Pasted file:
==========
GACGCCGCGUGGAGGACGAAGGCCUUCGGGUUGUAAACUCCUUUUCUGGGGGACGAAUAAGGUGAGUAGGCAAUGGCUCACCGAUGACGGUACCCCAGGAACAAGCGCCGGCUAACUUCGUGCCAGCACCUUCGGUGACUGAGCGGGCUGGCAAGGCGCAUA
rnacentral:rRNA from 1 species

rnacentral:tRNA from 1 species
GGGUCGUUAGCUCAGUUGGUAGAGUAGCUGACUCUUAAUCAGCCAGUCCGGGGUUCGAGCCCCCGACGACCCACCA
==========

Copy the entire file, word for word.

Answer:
GACGCCGCGUGGAGGACGAAGGCCUUCGGGUUGUAAACUCCUUUUCUGGGGGACGAAUAAGGUGAGUAGGCAAUGGCUCACCGAUGACGGUACCCCAGGAACAAGCGCCGGCUAACUUCGUGCCAGCACCUUCGGUGACUGAGCGGGCUGGCAAGGCGCAUA
rnacentral:rRNA from 1 species

rnacentral:tRNA from 1 species
GGGUCGUUAGCUCAGUUGGUAGAGUAGCUGACUCUUAAUCAGCCAGUCCGGGGUUCGAGCCCCCGACGACCCACCA